The plain and simple truth is that, as a contractor, your company is unlikely to invest in your development. You probably won’t get put on training courses or stretch projects that focus on skill development. Rather, you’ll go where they need you to go to get work done in the company’s priority areas.
So, as a contractor, you need to be proactive in managing your professional development. For example, working for a few different companies across different industries can be a great way to broaden your experience, as opposed to depending on your employer to give you different roles. In fact, as a contractor, I find this to be one of the great advantages of contracting—you have the flexibility to really develop in a range of roles.
However, being a contractor can mean that it is hard to move up the career ladder by staying in the same company, as employers are less likely to take a chance and invest in your upwards development.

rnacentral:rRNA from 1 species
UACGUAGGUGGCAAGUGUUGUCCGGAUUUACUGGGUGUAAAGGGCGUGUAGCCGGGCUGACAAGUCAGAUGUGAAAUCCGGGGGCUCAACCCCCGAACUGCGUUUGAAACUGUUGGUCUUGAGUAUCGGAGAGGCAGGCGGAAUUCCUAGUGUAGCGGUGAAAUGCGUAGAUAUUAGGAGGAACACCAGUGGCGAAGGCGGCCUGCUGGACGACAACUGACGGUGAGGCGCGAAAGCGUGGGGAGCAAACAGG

You’ll often see organisations promote permanent staff over contractors because they expect their permanent staff to be developing while they expect their contractors to be expert. This is partly what they pay for in a contractor’s higher daily rate. So while permanent employees often face opportunities for advancement in the same organisation, contractors often have to look outside for the next step-up opportunity.
Winner: Permanent if you want a company to invest in your development. Contractor if you love working in different situations and developing accordingly.
The contracting versus permanent series looks at the various factors that may encourage a project manager into a permanent or contract role according to: